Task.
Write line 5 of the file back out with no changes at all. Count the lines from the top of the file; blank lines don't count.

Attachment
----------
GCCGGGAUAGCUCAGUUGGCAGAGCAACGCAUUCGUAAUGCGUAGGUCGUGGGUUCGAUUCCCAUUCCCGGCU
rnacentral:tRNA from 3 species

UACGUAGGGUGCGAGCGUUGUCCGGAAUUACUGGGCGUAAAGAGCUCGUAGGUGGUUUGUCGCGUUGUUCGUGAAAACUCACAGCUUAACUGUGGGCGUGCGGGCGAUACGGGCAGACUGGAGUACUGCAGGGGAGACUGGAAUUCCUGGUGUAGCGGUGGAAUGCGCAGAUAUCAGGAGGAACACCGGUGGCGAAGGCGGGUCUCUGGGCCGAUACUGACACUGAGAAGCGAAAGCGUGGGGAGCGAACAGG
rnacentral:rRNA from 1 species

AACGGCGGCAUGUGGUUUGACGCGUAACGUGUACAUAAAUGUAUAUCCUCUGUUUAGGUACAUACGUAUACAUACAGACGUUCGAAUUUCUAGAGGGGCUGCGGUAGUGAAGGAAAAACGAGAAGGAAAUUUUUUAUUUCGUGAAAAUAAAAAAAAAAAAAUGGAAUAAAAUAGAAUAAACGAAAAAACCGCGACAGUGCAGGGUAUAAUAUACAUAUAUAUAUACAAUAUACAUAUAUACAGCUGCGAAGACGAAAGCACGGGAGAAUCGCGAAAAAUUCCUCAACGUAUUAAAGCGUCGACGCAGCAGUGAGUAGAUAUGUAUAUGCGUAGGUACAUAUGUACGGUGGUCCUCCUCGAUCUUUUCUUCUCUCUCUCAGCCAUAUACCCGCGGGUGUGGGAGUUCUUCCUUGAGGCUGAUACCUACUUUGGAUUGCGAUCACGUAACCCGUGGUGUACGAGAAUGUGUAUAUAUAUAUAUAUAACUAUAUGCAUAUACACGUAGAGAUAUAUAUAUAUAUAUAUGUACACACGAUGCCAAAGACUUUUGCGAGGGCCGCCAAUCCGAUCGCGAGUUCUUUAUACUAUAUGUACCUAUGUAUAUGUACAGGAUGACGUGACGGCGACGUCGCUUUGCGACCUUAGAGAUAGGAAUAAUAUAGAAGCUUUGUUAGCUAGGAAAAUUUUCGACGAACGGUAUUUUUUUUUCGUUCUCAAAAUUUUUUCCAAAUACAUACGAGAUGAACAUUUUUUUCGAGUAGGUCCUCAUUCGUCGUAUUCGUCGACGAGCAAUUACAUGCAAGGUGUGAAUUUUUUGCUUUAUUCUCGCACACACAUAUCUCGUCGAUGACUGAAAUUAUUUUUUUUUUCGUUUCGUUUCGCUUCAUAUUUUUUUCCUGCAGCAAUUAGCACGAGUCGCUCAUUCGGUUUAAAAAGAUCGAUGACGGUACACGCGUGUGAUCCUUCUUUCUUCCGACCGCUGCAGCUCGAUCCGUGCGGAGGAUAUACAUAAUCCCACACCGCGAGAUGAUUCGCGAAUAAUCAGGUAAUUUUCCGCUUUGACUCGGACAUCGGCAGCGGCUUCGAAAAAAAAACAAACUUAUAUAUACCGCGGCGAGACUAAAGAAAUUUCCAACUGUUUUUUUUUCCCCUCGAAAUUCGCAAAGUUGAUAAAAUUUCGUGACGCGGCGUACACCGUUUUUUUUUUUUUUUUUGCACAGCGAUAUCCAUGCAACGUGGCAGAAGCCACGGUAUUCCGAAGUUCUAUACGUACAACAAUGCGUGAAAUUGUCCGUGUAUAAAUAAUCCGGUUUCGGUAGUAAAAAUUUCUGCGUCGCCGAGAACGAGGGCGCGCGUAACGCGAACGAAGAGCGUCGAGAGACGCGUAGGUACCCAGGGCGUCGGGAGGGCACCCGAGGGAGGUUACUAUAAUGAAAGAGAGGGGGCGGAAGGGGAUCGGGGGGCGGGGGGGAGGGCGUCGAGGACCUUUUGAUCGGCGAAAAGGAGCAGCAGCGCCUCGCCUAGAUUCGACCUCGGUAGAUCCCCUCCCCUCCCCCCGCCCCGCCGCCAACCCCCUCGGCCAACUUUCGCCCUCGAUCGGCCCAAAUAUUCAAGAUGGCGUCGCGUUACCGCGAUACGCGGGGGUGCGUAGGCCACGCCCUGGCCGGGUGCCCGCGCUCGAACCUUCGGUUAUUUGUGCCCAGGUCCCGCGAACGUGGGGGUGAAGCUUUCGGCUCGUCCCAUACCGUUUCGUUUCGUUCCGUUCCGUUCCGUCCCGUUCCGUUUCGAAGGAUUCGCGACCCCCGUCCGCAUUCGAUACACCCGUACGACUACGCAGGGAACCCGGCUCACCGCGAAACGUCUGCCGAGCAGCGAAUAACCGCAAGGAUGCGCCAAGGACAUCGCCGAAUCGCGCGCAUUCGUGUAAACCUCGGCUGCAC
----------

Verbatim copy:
AACGGCGGCAUGUGGUUUGACGCGUAACGUGUACAUAAAUGUAUAUCCUCUGUUUAGGUACAUACGUAUACAUACAGACGUUCGAAUUUCUAGAGGGGCUGCGGUAGUGAAGGAAAAACGAGAAGGAAAUUUUUUAUUUCGUGAAAAUAAAAAAAAAAAAAUGGAAUAAAAUAGAAUAAACGAAAAAACCGCGACAGUGCAGGGUAUAAUAUACAUAUAUAUAUACAAUAUACAUAUAUACAGCUGCGAAGACGAAAGCACGGGAGAAUCGCGAAAAAUUCCUCAACGUAUUAAAGCGUCGACGCAGCAGUGAGUAGAUAUGUAUAUGCGUAGGUACAUAUGUACGGUGGUCCUCCUCGAUCUUUUCUUCUCUCUCUCAGCCAUAUACCCGCGGGUGUGGGAGUUCUUCCUUGAGGCUGAUACCUACUUUGGAUUGCGAUCACGUAACCCGUGGUGUACGAGAAUGUGUAUAUAUAUAUAUAUAACUAUAUGCAUAUACACGUAGAGAUAUAUAUAUAUAUAUAUGUACACACGAUGCCAAAGACUUUUGCGAGGGCCGCCAAUCCGAUCGCGAGUUCUUUAUACUAUAUGUACCUAUGUAUAUGUACAGGAUGACGUGACGGCGACGUCGCUUUGCGACCUUAGAGAUAGGAAUAAUAUAGAAGCUUUGUUAGCUAGGAAAAUUUUCGACGAACGGUAUUUUUUUUUCGUUCUCAAAAUUUUUUCCAAAUACAUACGAGAUGAACAUUUUUUUCGAGUAGGUCCUCAUUCGUCGUAUUCGUCGACGAGCAAUUACAUGCAAGGUGUGAAUUUUUUGCUUUAUUCUCGCACACACAUAUCUCGUCGAUGACUGAAAUUAUUUUUUUUUUCGUUUCGUUUCGCUUCAUAUUUUUUUCCUGCAGCAAUUAGCACGAGUCGCUCAUUCGGUUUAAAAAGAUCGAUGACGGUACACGCGUGUGAUCCUUCUUUCUUCCGACCGCUGCAGCUCGAUCCGUGCGGAGGAUAUACAUAAUCCCACACCGCGAGAUGAUUCGCGAAUAAUCAGGUAAUUUUCCGCUUUGACUCGGACAUCGGCAGCGGCUUCGAAAAAAAAACAAACUUAUAUAUACCGCGGCGAGACUAAAGAAAUUUCCAACUGUUUUUUUUUCCCCUCGAAAUUCGCAAAGUUGAUAAAAUUUCGUGACGCGGCGUACACCGUUUUUUUUUUUUUUUUUGCACAGCGAUAUCCAUGCAACGUGGCAGAAGCCACGGUAUUCCGAAGUUCUAUACGUACAACAAUGCGUGAAAUUGUCCGUGUAUAAAUAAUCCGGUUUCGGUAGUAAAAAUUUCUGCGUCGCCGAGAACGAGGGCGCGCGUAACGCGAACGAAGAGCGUCGAGAGACGCGUAGGUACCCAGGGCGUCGGGAGGGCACCCGAGGGAGGUUACUAUAAUGAAAGAGAGGGGGCGGAAGGGGAUCGGGGGGCGGGGGGGAGGGCGUCGAGGACCUUUUGAUCGGCGAAAAGGAGCAGCAGCGCCUCGCCUAGAUUCGACCUCGGUAGAUCCCCUCCCCUCCCCCCGCCCCGCCGCCAACCCCCUCGGCCAACUUUCGCCCUCGAUCGGCCCAAAUAUUCAAGAUGGCGUCGCGUUACCGCGAUACGCGGGGGUGCGUAGGCCACGCCCUGGCCGGGUGCCCGCGCUCGAACCUUCGGUUAUUUGUGCCCAGGUCCCGCGAACGUGGGGGUGAAGCUUUCGGCUCGUCCCAUACCGUUUCGUUUCGUUCCGUUCCGUUCCGUCCCGUUCCGUUUCGAAGGAUUCGCGACCCCCGUCCGCAUUCGAUACACCCGUACGACUACGCAGGGAACCCGGCUCACCGCGAAACGUCUGCCGAGCAGCGAAUAACCGCAAGGAUGCGCCAAGGACAUCGCCGAAUCGCGCGCAUUCGUGUAAACCUCGGCUGCAC